After three episodes of buildup that slowly unfolded the characters and relationships of Broadchurch (a friend described it as people drinking tea, looking at the ocean, then crawling into bed under heavy covers), episode four shoots the whole series into high gear. A mad shuffling of interplay between seemingly disparate characters related to the murder of 11-year-old Danny Latimer elevates the tension and action to the highest level since the première. There are so many new alliances and uncovered secrets, my home Broadchurch flowchart is getting extremely complicated: Hardy and the psychic have a few flare-ups; we see Ollie’s troubled mother, hinted at last week; there’s a confrontation between Nigel and the surly trailer lady, of all people; Pastor Paul reveals he helped Danny and Tom with a computer club at school; and best of all, flirty Becca has to pose at Hardy’s wife at the hospital after he passes out in his bathroom at the inn.
This week’s suspect spotlight shines on elderly Jack, the newsagent and local leader of the Sea Brigade, which sounds like the Broadchurch version of Boy Scouts. Intrepid news reporter Ollie finds out Jack has a conviction for underage sex, but Jack still tries to maintain his innocence, even going to the Latimers with Danny’s mobile, which he found in the boy’s newspaper bag. But if those pictures of the brigade he burns at the end are so harmless, why is he destroying them?
Each week, Broadchurch uncovers more and more secrets: Seemingly everyone in town has them. A whodunit is one mystery, but by opening up hidden sides of the people in the town, the drama becomes much more compelling as the show introduces new questions to explore. Why did surly trailer lady Susan Wright change her name from Elaine Jones? What is her connection to Nigel? Is Jack as innocent as he claims? What was Paul the Pastor doing on the beach the night the boat burned? And what is up with Psychic Steve?
The detective team of D.I. Alec Hardy (David Tennant) and D.S. Ellie Martin (Olivia Colman) remain at the center of this network of brewing scandals and possible red herrings. At the beginning of the episode, on the spooky Broadchurch beach at nighttime, Hardy is frustrated by the inability to access the burning boat shown on the water at the end of last week, potential evidence going up in smoke as he watches. In the morning, a member of the forensics team chastises Hardy for his unfriendliness: “On Earth, we say good morning and how d’you do.” “I’ve told him, it makes no difference,” Ellie confirms. Actual clues are found in the charred boat, strands of hair that eventually turn out to be Danny’s, and Hardy is gleeful, which is disconcerting to Miller. He thinks the attempt to burn the boat means the murderer is panicking. It also means the murderer is extremely close by. This revelation is all the more chilling when we see all the players in the same place twice this week, at a town meeting and at church (leading to weird pairings like Psychic Steve sitting near Karen the Herald reporter, or Becca and Hardy in adjacent pews). Surely the killer must be among them.
Hardy shows yet another side when he takes the Millers up on Ellie’s awkward dinner invitation from last week. In a community where everyone has seemingly known each other since birth, it’s fascinating to witness a town outsider getting to know these people. Are you married, do you have kids, where did you two meet?: These questions chip away at the crisp façade of strangers until they finally reveal a glimpse of what’s underneath. Hardy tries to dodge the question of whether he’s married (“not anymore”), then takes an audible breath before admitting he has a 15-year-old daughter who lives with her mother, then gulps a huge swallow of wine afterward. His façade finally cracks when he gets Ellie’s husband Joe to admit she doesn’t like working with him. It’s maybe (probably) the wine talking, but the two men laugh, and the result is downright delightful.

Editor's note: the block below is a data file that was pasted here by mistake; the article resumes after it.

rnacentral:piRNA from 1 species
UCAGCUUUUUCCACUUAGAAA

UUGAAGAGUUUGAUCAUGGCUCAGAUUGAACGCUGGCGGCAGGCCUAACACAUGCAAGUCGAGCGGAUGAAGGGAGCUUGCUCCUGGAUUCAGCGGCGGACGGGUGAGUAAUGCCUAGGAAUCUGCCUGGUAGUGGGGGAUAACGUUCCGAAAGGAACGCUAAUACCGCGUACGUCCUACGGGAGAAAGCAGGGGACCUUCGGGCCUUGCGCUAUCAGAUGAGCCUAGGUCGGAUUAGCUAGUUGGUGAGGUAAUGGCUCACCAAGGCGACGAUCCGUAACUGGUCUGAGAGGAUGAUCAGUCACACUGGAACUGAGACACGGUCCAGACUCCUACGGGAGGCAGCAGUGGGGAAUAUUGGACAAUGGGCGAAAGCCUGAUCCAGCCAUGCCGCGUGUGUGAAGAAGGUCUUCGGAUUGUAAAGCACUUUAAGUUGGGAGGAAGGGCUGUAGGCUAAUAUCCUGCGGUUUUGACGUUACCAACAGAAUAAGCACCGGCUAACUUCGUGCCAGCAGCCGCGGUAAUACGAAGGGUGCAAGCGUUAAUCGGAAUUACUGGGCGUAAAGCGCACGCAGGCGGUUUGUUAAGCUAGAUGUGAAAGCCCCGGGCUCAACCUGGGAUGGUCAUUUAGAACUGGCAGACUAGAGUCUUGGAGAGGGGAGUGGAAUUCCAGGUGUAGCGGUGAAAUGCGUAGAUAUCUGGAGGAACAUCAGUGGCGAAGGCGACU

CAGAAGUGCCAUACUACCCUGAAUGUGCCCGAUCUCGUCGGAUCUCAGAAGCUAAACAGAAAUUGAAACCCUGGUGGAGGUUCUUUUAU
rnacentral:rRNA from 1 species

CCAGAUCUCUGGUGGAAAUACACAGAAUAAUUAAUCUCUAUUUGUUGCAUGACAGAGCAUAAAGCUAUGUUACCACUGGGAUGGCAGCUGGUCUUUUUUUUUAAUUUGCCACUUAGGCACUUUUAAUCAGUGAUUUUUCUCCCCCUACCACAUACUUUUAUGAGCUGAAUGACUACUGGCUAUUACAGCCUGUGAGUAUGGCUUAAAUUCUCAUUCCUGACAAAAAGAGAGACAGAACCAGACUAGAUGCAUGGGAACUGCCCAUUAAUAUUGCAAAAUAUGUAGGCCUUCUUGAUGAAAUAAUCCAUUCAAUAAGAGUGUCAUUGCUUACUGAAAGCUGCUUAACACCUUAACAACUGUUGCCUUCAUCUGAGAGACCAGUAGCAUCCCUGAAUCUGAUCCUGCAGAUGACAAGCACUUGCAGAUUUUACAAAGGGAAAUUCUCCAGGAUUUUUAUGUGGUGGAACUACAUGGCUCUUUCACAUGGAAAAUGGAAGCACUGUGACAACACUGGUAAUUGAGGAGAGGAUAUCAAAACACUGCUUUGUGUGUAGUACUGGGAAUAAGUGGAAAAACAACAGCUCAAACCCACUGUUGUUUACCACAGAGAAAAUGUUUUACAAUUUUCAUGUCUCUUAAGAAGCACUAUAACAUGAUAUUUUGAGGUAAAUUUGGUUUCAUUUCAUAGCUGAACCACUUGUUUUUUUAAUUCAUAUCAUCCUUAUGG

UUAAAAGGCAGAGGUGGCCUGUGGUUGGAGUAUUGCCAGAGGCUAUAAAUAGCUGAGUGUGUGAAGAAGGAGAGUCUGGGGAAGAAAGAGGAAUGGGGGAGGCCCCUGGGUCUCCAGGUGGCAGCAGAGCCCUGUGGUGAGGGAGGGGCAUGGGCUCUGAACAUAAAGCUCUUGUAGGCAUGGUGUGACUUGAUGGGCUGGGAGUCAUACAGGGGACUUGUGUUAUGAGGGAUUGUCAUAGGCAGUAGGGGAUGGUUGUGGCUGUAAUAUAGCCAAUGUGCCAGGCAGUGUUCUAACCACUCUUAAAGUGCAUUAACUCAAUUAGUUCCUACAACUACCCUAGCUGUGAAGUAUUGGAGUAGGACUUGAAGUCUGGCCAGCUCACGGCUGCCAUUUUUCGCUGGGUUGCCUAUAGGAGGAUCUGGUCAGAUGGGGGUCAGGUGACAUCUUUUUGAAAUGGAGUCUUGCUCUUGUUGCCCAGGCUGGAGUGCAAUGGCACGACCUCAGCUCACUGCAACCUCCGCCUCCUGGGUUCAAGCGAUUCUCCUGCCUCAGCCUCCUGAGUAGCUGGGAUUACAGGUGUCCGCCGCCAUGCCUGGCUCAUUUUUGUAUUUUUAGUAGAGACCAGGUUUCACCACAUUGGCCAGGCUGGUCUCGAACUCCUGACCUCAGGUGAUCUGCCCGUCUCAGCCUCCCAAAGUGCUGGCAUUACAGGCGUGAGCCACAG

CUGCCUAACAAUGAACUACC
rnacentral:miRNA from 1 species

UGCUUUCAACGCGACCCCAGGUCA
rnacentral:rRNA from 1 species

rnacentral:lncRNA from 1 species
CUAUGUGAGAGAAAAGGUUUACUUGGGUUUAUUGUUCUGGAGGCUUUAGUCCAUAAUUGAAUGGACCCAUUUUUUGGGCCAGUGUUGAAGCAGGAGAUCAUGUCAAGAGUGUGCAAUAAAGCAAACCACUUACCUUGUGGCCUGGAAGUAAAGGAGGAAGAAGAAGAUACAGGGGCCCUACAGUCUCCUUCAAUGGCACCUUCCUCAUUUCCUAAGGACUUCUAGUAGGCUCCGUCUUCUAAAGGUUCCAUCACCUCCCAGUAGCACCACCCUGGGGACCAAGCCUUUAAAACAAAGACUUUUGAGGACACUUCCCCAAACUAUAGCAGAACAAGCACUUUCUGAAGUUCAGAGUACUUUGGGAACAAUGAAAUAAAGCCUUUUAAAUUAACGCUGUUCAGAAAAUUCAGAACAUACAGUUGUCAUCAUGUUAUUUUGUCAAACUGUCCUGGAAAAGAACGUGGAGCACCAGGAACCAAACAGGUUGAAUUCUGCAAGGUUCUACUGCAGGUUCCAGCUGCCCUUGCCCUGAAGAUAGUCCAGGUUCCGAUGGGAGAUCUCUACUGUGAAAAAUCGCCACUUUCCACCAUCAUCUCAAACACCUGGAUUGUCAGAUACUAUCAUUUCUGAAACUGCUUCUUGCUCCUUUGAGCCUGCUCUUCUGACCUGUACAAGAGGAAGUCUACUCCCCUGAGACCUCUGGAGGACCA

Compare this meal with the Latimers’ and Millers’ Sunday lunch, cooked by Nigel. It’s one of the first glimpses into how happy the Broadchurch community must have been before the death of Danny. The lunch is clearly an occasion the families have pulled together often, and their interactions are familiar and seamless, but there’s now a very definite gap. Danny’s mother Beth feels this most acutely and needs to hug his best friend Tom: “I miss his hugs.” A possibly ill-advised family interview with the Herald leads to the press invading this domestic oasis; the Latimers are trying to use the press coverage to lead to more information for the investigation, but they’re now also more exposed than ever. Then Beth lobs a truth grenade at her husband Mark before they walk into the press conference: She tells him she knows about his affair with Becca Fischer. As secrets bubble to the surface in Broadchurch, no one remains unaffected, and the ramifications become all the more severe as we head into the second half of the series.
- Official tagline exclaimed by Broadchurch characters once their secrets are uncovered: “That’s got nothing to do with this!”
- Saying I’ve never heard before but is bound to come in handy sooner rather than later: “Better to have you inside the tent pissing out than outside than the tent pissing in, I suppose.”
- Favorite shots this week: After the Latimers agree to a press profile, there’s a view of them from Danny’s room, as if he’s looking over them. Also, as Psychic Steve pleads with Beth to get the police to listen to him, we see a heartrending view of a group of boys playing soccer underneath Broadchurch’s wide skies. And the creepiest moment of the series since the first episode: Susan Wright accosting editor Maggie in the dark newspaper office.
- The Hardy/Miller banter remains a Broadchurch highlight: “What about you then, are you religious?” “Yep, I pray nightly you’ll stop asking me questions.”